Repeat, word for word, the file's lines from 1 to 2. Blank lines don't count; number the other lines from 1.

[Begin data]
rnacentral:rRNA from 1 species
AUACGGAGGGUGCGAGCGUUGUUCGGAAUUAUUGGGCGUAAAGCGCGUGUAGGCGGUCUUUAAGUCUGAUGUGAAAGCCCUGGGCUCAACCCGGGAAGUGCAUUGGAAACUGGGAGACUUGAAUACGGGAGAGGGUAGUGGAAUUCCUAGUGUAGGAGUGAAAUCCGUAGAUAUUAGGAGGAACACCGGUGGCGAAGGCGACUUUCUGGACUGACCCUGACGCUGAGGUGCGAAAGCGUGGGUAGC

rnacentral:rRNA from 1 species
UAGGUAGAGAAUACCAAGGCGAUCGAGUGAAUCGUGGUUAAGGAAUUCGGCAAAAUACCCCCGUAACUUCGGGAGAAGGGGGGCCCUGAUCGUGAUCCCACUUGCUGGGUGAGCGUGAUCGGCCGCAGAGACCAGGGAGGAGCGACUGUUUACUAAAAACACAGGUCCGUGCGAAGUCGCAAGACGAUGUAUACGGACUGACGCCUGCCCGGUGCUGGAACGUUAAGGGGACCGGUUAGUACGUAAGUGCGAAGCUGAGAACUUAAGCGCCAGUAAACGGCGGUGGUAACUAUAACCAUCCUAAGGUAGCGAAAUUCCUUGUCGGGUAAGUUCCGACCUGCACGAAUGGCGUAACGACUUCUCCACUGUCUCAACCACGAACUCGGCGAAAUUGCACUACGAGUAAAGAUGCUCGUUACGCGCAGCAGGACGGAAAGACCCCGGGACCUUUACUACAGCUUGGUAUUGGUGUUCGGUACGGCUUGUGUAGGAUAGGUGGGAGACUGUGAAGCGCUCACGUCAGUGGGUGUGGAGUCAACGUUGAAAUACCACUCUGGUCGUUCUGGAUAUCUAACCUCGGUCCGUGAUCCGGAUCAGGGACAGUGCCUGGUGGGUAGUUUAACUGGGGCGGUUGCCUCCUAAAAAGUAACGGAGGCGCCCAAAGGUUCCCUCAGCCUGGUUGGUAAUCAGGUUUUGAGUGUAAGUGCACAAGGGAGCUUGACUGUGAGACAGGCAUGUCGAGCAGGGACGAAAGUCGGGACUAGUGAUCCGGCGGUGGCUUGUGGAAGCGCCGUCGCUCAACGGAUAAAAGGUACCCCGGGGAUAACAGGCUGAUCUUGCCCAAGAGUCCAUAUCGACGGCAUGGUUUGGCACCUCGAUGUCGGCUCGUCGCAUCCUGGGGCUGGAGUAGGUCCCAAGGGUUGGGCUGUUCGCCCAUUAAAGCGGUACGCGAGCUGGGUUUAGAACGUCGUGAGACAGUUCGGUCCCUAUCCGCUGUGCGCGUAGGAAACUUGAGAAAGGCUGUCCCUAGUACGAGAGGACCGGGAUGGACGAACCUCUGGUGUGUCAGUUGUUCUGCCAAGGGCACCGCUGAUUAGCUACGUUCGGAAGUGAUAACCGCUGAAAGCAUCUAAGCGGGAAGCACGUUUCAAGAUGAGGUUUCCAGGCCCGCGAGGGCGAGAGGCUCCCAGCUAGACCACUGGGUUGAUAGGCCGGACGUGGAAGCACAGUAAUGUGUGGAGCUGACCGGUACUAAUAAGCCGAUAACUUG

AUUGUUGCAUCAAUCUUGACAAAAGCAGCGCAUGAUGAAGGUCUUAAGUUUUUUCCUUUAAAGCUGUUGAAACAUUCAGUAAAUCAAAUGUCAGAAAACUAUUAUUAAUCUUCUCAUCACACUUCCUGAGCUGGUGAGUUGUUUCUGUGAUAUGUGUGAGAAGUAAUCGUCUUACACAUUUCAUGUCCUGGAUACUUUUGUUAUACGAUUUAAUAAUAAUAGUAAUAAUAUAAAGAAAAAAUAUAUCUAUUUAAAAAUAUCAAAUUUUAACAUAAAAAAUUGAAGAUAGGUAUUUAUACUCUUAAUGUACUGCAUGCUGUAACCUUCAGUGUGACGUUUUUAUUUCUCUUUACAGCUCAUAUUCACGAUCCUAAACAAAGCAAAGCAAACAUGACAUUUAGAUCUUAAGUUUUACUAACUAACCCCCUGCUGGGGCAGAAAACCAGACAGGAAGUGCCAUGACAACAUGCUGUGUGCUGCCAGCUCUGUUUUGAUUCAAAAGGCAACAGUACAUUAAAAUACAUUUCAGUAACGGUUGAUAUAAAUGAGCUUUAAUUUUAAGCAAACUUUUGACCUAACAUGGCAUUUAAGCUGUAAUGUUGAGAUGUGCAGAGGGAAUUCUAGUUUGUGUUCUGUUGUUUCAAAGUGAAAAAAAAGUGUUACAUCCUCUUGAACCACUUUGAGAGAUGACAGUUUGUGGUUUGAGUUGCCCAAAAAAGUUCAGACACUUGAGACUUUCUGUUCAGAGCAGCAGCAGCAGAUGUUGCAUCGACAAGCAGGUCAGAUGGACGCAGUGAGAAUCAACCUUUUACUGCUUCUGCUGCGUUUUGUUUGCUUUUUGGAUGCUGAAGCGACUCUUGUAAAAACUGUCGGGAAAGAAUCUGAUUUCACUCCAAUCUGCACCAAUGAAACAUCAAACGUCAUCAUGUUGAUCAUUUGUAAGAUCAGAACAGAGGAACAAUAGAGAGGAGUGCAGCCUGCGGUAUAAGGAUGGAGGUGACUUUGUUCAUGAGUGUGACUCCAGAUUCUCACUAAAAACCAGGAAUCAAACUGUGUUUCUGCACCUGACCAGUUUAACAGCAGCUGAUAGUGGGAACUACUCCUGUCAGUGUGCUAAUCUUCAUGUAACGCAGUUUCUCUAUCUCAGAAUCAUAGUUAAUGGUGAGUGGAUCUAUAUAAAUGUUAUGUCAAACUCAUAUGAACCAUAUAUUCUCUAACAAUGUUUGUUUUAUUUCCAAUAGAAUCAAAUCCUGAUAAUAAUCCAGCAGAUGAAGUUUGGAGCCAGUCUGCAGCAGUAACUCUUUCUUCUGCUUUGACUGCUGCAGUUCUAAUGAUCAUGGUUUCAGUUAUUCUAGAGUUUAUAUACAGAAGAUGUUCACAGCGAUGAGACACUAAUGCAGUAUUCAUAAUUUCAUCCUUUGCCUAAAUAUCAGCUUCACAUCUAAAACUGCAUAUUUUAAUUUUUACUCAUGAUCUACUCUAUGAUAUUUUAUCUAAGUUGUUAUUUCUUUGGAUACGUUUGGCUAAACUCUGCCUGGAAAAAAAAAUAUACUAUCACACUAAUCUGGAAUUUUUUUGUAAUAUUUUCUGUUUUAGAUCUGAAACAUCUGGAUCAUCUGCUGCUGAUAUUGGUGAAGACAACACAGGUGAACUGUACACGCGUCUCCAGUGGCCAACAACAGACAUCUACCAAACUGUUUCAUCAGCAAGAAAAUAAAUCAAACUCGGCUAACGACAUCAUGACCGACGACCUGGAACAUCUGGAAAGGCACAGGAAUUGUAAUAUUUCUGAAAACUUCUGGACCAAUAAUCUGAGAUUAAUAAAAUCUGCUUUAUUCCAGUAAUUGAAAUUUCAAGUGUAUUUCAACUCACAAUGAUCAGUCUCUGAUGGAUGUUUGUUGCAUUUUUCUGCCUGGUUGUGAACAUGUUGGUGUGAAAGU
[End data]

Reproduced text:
rnacentral:rRNA from 1 species
AUACGGAGGGUGCGAGCGUUGUUCGGAAUUAUUGGGCGUAAAGCGCGUGUAGGCGGUCUUUAAGUCUGAUGUGAAAGCCCUGGGCUCAACCCGGGAAGUGCAUUGGAAACUGGGAGACUUGAAUACGGGAGAGGGUAGUGGAAUUCCUAGUGUAGGAGUGAAAUCCGUAGAUAUUAGGAGGAACACCGGUGGCGAAGGCGACUUUCUGGACUGACCCUGACGCUGAGGUGCGAAAGCGUGGGUAGC